A few seasons ago, Inside Triathlon ran a story entitled ‘Demise of Duathlon’. The story cited the go-go years of duathlon, which in the late 80s and 90s had its own national series sponsored by none other than Coors Light (and (boasting huge prize lists for the professionals). Unfortunately, Coors Light left the sport long ago, being replaced on a smaller scale by Dannon, who left the sport in 2004 citing declining participation. While many professional duathletes have followed the money train to triathlons, which is now getting the lion share of the national advertising dollar thanks in part to the growing legions of Ironmen, does this mean duathlon is dead for us amateurs? Of course not!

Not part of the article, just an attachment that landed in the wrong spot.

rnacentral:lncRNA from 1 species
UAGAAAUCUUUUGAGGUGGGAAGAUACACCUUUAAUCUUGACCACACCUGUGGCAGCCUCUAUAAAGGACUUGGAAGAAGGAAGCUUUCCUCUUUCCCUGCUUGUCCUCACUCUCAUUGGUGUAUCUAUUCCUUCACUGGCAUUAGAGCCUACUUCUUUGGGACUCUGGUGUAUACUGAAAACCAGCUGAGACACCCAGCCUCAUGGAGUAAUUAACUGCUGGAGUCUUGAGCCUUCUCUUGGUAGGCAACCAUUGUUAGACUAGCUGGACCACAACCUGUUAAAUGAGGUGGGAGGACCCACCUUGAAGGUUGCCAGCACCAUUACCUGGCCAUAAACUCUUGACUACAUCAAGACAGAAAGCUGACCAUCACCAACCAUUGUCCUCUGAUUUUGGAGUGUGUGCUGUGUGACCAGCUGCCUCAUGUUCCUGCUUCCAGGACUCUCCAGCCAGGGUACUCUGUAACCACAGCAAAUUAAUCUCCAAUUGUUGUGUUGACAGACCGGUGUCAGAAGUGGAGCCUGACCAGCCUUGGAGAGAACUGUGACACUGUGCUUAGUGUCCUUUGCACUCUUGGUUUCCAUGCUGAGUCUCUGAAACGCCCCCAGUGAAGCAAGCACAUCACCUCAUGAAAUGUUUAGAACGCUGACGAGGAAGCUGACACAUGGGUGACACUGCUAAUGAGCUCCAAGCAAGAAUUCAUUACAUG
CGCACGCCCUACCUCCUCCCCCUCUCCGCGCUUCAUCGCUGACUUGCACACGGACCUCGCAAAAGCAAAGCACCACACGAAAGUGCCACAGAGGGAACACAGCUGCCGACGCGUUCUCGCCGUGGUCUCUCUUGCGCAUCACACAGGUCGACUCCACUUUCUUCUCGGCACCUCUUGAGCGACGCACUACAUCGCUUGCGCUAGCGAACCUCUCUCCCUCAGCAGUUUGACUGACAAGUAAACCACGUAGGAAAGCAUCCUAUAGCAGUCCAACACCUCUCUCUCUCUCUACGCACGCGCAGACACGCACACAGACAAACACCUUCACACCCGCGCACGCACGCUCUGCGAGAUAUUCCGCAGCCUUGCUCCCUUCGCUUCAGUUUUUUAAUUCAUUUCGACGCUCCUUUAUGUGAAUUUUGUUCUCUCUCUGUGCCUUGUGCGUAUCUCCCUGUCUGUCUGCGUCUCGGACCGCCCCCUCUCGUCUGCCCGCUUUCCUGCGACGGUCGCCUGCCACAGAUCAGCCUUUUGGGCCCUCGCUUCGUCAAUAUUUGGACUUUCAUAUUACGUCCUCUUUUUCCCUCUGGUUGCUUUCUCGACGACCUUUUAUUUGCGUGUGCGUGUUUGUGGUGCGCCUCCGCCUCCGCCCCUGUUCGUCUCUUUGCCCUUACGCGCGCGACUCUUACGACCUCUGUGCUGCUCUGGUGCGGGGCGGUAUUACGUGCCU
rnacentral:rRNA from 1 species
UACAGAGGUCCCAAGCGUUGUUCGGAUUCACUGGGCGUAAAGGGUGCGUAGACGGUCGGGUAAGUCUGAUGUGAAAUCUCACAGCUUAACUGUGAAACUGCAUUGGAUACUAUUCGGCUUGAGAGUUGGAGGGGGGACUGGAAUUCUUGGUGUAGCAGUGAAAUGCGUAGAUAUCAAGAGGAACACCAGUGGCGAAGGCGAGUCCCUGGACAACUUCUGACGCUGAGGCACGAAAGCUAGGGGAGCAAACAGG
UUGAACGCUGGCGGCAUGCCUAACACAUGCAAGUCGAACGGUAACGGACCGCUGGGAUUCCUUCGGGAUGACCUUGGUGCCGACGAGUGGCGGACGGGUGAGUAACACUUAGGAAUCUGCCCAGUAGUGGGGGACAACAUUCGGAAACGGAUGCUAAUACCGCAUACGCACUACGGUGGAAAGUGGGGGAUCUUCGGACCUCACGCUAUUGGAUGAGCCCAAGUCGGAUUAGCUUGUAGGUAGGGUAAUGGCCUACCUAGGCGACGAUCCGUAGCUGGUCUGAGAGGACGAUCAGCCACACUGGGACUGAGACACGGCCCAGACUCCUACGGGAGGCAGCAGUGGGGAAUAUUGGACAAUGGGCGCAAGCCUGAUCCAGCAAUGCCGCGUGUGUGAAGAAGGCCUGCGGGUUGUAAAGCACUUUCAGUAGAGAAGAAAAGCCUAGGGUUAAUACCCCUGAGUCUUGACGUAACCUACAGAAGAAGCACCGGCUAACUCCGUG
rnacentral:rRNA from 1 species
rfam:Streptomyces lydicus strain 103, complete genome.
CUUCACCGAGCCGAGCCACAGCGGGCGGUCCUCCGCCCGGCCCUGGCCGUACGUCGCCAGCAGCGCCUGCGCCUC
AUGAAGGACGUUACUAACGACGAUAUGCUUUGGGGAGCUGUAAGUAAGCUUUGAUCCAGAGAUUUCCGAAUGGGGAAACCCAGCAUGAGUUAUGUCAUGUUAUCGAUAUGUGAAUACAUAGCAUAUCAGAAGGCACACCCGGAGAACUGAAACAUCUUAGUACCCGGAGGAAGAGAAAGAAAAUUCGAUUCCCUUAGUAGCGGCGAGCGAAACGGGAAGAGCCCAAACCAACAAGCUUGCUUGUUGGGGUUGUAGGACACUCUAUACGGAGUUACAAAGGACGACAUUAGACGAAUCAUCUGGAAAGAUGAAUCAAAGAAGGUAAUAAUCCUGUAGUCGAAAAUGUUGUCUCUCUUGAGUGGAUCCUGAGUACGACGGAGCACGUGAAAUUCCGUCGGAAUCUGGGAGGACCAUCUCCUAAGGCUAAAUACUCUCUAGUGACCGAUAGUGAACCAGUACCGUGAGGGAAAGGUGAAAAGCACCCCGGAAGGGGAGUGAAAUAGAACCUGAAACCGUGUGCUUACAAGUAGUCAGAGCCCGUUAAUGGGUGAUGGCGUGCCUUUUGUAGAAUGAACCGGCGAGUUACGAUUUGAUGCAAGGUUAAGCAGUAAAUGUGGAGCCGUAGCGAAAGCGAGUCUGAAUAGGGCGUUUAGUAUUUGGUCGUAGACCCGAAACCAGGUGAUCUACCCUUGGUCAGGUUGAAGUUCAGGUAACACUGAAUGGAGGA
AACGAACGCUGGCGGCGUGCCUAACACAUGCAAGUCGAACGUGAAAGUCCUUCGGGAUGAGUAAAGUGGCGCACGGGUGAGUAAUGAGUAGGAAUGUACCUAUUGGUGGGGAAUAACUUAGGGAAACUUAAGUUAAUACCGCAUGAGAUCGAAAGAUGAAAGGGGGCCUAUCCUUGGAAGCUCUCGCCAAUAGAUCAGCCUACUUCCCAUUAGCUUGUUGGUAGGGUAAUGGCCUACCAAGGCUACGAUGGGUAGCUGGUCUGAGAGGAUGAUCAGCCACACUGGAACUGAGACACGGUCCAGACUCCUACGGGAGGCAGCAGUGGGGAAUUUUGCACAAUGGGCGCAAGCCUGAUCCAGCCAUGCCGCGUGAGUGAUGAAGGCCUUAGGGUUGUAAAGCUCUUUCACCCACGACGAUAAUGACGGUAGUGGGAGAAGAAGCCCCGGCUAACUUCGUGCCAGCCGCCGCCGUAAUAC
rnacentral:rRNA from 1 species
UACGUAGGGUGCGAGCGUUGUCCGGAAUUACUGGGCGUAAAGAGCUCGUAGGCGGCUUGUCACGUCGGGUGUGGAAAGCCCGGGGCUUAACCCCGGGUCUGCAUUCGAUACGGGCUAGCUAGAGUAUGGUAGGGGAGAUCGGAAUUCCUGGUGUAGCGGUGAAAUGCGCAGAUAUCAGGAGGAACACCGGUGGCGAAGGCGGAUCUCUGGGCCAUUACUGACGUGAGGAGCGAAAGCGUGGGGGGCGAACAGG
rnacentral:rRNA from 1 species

Every spring for the past decade I have toed the start line for the annual March Madness biathlon in New York’s Central Park, an event which has seen sell-out crowds of over 600 duathletes for the past several years. While quite common in triathlons, a sold-out duathlon is a rare occurrence in most parts of the country. That is not the case for this early season New York City classic (fittingly called the March Madness Biathlon), as dormant multi-sport athletes emerge from their hibernation to test their early season form. This event has also seen some big names grace the winner’s podium over the years, including multi-sport legends Mark Allen (who won here in 1986) and Kenny Souza (won in 1987). Does Dan Honig, president and founder of the New York Triathlon Club (and the one responsible for the March Madness race), think the sport of duathlon is dead? Doubtful, as the New York Triathlon Club schedule of events has been steadily growing every year since the mid-80s and will commonly feature a dozen or more duathlons each season, with many running along side of triathlons – a recipe that is growing in popularity for race promoters.